Leave stereotypes at the door
Breaking down stereotypes has to start before a group conversation, Chasin says. If people aren't prepared to trust the process and put their best foot forward, there's too much risk that the meeting could do more harm than good.
Participants also collaborate with facilitators to design the goals and structure of the dialogue. For those in which Ms. Gamble and Ms. Thorp are involved, early sessions were highly structured and tightly facilitated. They sat in a circle, each next to a woman from the other side. They had equal "air time," would not interrupt, and would try to speak from an "I" perspective.
The six women also agreed to attend as individuals, not as representatives of their organizations - which ranged from Massachusetts Citizens for Life to the Religious Coalition for Reproductive Choice.
At first, they struggled over the words to describe one another's positions, and they worked out a list of "hot buttons" - language that could shut down the conversation. For instance, as they wrote in an article in The Boston Globe when they went public Jan. 28, pro-choice women are inflamed when they're referred to as murderers, and pro-life women are disturbed by dehumanizing terms such as "products of conception."
Meeting for up to four hours at a time, their conversations covered everything from religious convictions to abortion procedures. "There was a growing trust among the group, that we could speak as best from our intellects as we could, but also from our hearts," says Barbara Thorp, director of the Pro-Life Office of the Archdiocese of Boston. "There was a real glue there that really began to develop."
A few months after they started, two of the pro-life participants showed up for the memorial service on the anniversary of the shootings. Gamble, who had lost a staff member in the attack, was amazed at the progress: A year before, they didn't speak unless the event was moderated on TV.
Now, Gamble and Thorp chat warmly about their families and an upcoming holiday as they sit down for an interview. This closeness can sometimes make their deep disagreements even more painful.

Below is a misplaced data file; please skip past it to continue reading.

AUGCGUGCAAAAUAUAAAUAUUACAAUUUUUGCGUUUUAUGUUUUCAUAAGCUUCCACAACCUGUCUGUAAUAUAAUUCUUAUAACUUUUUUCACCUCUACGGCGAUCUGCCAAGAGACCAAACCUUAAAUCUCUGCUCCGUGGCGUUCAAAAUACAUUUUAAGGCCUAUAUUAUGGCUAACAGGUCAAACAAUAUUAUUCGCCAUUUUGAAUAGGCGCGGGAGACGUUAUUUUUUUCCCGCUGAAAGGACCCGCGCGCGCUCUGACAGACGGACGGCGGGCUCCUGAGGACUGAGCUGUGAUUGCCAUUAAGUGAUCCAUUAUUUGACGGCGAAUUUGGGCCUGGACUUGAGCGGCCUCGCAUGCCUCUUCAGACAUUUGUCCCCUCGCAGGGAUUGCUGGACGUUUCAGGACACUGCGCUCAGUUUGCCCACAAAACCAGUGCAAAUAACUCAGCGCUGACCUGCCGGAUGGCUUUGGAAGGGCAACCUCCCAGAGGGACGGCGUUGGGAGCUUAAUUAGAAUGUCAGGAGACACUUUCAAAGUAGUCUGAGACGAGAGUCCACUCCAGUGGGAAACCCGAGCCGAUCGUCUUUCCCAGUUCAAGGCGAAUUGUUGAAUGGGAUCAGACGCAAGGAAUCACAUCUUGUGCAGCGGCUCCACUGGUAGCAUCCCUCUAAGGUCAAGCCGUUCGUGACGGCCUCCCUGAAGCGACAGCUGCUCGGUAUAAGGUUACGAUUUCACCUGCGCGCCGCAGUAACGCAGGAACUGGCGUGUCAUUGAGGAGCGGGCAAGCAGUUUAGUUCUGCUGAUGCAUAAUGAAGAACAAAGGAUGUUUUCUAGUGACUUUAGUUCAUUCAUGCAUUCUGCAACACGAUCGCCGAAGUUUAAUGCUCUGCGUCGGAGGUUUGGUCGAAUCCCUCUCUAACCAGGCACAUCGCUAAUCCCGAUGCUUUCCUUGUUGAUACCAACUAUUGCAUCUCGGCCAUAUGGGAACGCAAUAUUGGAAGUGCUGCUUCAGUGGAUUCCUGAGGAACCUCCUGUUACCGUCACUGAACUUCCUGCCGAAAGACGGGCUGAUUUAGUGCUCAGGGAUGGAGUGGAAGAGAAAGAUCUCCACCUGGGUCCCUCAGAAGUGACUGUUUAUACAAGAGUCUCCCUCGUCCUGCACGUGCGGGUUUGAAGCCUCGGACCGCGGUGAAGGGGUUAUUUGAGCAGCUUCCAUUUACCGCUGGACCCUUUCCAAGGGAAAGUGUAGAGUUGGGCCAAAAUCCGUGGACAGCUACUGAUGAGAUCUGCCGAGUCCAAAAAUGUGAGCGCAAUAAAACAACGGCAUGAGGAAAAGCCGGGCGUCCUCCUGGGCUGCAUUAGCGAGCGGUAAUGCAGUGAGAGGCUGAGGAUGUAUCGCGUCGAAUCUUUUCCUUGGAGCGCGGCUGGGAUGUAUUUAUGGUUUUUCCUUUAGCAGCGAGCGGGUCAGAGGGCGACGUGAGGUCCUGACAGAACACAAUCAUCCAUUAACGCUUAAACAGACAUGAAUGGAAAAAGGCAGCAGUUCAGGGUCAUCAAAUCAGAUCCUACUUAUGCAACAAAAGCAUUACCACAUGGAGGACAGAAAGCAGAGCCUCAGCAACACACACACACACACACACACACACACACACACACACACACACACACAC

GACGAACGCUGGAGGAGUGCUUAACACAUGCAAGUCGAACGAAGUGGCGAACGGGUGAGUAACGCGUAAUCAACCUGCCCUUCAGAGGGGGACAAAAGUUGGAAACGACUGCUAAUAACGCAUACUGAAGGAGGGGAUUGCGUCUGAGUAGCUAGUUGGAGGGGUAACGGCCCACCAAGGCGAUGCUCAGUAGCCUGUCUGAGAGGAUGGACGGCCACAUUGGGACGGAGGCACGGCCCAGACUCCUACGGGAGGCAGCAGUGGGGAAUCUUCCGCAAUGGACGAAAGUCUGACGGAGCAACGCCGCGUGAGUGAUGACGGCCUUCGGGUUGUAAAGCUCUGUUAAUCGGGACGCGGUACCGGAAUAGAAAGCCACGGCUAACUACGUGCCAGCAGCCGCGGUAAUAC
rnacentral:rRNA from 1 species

There's dialogue - so what?
No one ever stormed out of the room in anger, partly because Chasin and co-facilitator Susan Podziba are "enormously sensitive to bad moments, and [try] to repair them," Gamble says. At times, it seemed there was no point in continuing, but they valued the experience so much that they always came back from the brink.
Not every dialogue results in an outcome as visible as the Globe article. Which means that Public Conversations often runs into the "So what?" question. "It's coming from a very short-term, very limited idea of what a product or outcome is - a piece of paper or an agreement," Chasin says. Public Conversations emphasizes hard-to-measure mental shifts and greater respect in relationships.
Zachary Green, a senior scholar at the University of Maryland's James MacGregor Burns Academy of Leadership, says he routinely faces people's impulse to have an immediate action plan. He remembers starting a racial-reconciliation process with church groups in Washington, D.C. When he said they had to begin with a conversation about race, half the group dropped out. But those who stayed were eventually able to take incremental steps.
Two or three generations ago, it was normal for people to come together in civic organizations or church groups, but those forums have been lost, Mr. Green says. "So part of the cultural aspect of the whole dialogue movement ... is for people to be able to simply sit with one another."
Learning to listen often does translate into tangible changes. "I certainly changed how I spoke about the other side," Gamble says. "I didn't write them off as all demonic and nonintelligent and misguided.... I can't help but think that if enough people do that around contentious and sort of intractable controversies, you're going to be better off."
Thorp agrees: "The participation in the dialogue has really taught me to see that value in taking the time to ask more questions and to not be satisfied with simplistic, easy ideas."
(c) Copyright 2001. The Christian Science Monitor